A Customer Relationship Management (CRM) system could deliver huge benefits across your business, leading to increased efficiency, better customer service and higher profits.
It is important that you approach the purchase and installation of your CRM system with care. Read our top tips below with the main steps you should take to understand your particular business needs to ensure you pick the best system.
Develop your CRM strategy
Why is your business buying a CRM system? This is a fundamental question to answer. Consider what you’d like to achieve with your CRM. Would you like improved client relationships, integrated customers services or better identification of commercial opportunities? Start by developing a focused roadmap for your CRM to ensure it meets these needs.
Perform a data audit
A CRM system is only as good as the data it holds. Asses how your business handles and stores the information it collects. It’s vital that the CRM you choose can import your data and integrate different data sources into one pool of information that your entire business can use.
Assess your network infrastructure
When choosing your CRM, you can either install this at your business premises or use a cloud-based CRM. Whichever you choose, it’s important that your business’s internal network and its connection to the internet is fast and reliable. Your CRM is likely to be in constant use by a variety of people who will access it on different devices, sometimes outside of your office.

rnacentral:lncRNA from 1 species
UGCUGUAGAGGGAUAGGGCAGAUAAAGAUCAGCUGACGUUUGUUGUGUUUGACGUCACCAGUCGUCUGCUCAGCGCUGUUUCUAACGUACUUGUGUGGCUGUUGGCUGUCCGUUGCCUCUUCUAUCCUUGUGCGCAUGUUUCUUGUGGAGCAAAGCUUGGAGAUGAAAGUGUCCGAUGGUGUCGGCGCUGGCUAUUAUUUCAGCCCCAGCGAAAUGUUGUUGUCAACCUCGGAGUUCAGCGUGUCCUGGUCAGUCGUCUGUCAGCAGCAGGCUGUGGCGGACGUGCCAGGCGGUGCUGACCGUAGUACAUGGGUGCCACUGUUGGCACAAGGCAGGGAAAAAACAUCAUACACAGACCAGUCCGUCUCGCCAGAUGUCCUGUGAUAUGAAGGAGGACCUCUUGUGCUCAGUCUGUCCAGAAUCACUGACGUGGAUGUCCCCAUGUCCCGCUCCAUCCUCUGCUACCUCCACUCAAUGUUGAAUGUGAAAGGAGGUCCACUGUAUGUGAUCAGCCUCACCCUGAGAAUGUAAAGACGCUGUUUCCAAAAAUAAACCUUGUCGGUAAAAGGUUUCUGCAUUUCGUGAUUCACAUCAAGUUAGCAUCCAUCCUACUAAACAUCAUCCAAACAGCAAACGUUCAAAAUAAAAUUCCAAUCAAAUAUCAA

Develop your CRM implementation roadmap
It’s not a great idea to switch on a CRM across your entire business all at once. A staged rollout will enable you to fix any issues that you face along the way. Pick an area of your business, such as sales, to implement your CRM within first and then transfer everyone else to the system when you’re sure it’s stable.
Choose the features you need
Why are you installing the CRM? The key objectives you have for your CRM system will guide the main features you need it to offer. Think about what you’re going to need now and in the long term to ensure your CRM is futureproofed for potential growth or changes in your business.
Look for high levels of integration
Some CRM systems can replace many of the applications your business is already using. However, in most cases a new CRM will need to work with your existing applications. Review the core applications your business uses and consider how well they will integrate with your chosen CRM.
Choose your shortlist
Once you’ve completed the previous steps, you can start looking for a CRM vendor that meets your needs. Typically you can try before you buy with the free trials available. Take advantage of this opportunity to allow your staff to test the systems you are considering purchasing. Take note of the ease of use as you will be using this system daily.
Don’t forget the installation and training period
Be aware of the level of support you CRM supplier offers. Your CRM needs to be installed correctly to ensure it operates at optimum level and doesn’t disrupt your business. There will be a period of switchover to your new CRM that needs to be managed efficiently. Training should always be a major component of your chosen CRM.
What support can you access?
During the early days of moving to a CRM system, you are likely to need some help. Consider the level of support that each vendor can offer you. This should be addressed in the Service Level Agreement your CRM vendors offer you.
Can your CRM grow with you?
Your business will constantly change so it’s vital that your CRM has the capability to support you now and into the future. You don’t want to invest in a system that you will have outgrown within a couple of years. Consider your growth aspirations and what you will realistically need within a few years’ time.